Washington Coronavirus Map and Case Count

0
2,000
4,000 cases
Mar. 2020
Apr.
May
Jun.
Jul.
Aug.
Sept.
Oct.
Nov.
Dec.
Jan. 2021
Feb.
New cases
7-day average
Total reported On Feb. 27 14-day change
Cases 342,574 633 –21%
Deaths 5,024 0 –35%
Hospitalized 498 –22%

Day with reporting anomaly.

Hospitalization data from the Covid Tracking Project; 14-day change trends use 7-day averages.

At least 633 new cases were reported in Washington on Feb. 27. Over the past week, there has been an average of 822 cases per day, a decrease of 21 percent from the average two weeks earlier.

Average daily cases per 100,000 people in past week
Few or no cases
Share of population with a reported case
No cases reported
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Sources: State and local health agencies. Population and demographic data from Census Bureau.
About this data For total cases and deaths: The map shows the known locations of coronavirus cases by county. Circles are sized by the number of people there who have tested positive or have a probable case of the virus, which may differ from where they contracted the illness. For hot spots: The hot spots map shows the share of population with a new reported case over the last week.

As of Sunday morning, there have been at least 342,574 cases and 5,024 deaths in Washington since the beginning of the pandemic, according to a New York Times database.

Reported cases and deaths by county

This table is sorted by places with the most cases per 100,000 residents in the last seven days. Charts are colored to reveal when outbreaks emerged.

Total
cases
Per 100,000 Total
deaths
Per 100,000 Daily avg.
in last
7 days
Per 100,000 Daily avg.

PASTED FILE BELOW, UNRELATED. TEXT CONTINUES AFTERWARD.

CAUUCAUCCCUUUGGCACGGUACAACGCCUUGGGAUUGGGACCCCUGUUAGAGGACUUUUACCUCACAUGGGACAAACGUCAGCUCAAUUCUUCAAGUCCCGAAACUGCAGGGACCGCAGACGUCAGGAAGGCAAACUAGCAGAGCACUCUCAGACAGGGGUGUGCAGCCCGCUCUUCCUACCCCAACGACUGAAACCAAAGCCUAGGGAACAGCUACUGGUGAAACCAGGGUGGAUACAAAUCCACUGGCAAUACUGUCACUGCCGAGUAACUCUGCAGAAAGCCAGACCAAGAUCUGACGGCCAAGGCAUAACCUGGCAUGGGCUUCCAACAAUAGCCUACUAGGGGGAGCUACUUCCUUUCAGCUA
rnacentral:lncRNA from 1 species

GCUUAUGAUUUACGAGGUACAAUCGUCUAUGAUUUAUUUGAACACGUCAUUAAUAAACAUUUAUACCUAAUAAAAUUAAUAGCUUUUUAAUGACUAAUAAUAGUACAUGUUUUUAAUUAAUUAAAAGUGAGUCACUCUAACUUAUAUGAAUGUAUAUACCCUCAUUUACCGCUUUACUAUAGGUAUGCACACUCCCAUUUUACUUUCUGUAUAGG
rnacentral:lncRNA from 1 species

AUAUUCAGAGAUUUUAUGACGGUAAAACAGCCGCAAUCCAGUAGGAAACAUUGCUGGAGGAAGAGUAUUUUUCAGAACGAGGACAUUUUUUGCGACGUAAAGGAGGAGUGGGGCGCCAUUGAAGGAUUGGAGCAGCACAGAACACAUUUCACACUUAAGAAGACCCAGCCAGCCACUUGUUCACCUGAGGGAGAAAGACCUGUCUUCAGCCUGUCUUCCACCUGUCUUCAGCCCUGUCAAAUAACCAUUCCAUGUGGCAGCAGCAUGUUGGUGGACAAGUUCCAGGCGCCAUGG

in last
7 days
Per 100,000 Weekly cases per capita
Fewer More
Washington 342,574 4,499 5,024 66 822 11 19.7 0.26
March 1
Feb. 27
Washington heatmap
Wahkiakum › 92 2,050 2 38
Wahkiakum heatmap
Pend Oreille › 624 4,547 6 44 3 24 0.1 1.04
Pend Oreille heatmap
Whitman › 3,355 6,696 45 90 11 23 0.4 0.86
Whitman heatmap
Yakima › 27,643 11,019 421 168 52 21 1.1 0.46
Yakima heatmap
Garfield › 117 5,258 4 180 0 19
Garfield heatmap
Okanogan › 2,142 5,071 36 85 8 19
Okanogan heatmap
Cowlitz › 4,334 3,919 61 55 21 19 0.6 0.52
Cowlitz heatmap
Franklin › 11,113 11,671 100 105 17 18 0.4 0.45
Franklin heatmap
Whatcom › 6,749 2,944 83 36 42 18 0.3 0.12
Whatcom heatmap
Grant › 8,916 9,123 114 117 17 18 0.9 0.88
Grant heatmap
About this data Weekly cases per capita shows the share of population with a new reported case for each week. Weeks without a reported case are shaded gray. The daily average is calculated with cases and deaths that were reported in the last seven days.

To Our Subscribers

The public, medical researchers, and government agencies continue to rely on our comprehensive tracking of the pandemic. Thank you for helping us uncover the facts.

Learn more about this project.

The New York Times is engaged in a comprehensive effort to track details about every reported case in the United States, collecting information from federal, state and local officials around the clock. The numbers in this article are being updated several times a day based on the latest information our journalists are gathering from around the country.

The New York Times has found that official tallies in the United States and in more than a dozen other countries have undercounted deaths during the coronavirus outbreak because of limited testing availability.

Daily reported new cases

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7-day average

Daily reported deaths

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50
100 deaths
Mar. 2020
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Probable deaths announced
New deaths
7-day average
These are days with a reporting anomaly. Read more here. Note: The seven-day average is the average of a day and the previous six days of data.

Daily case and death reports show the severity of the pandemic over time. The picture can be put into further context by considering the number of tests performed and people hospitalized.

Daily reported people tested

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40,000
60,000 tests
Mar. 2020
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Jan. 2021
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New tests
7-day average

Hospitalizations

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500
1,000
Mar. 2020
Apr.
May
Jun.
Jul.
Aug.
Sept.
Oct.
Nov.
Dec.
Jan. 2021
Feb.
Covid patients in hospitals that day
7-day average
These are days with a reporting anomaly. Read more here. Source: Testing and hospitalization data from the Covid Tracking Project.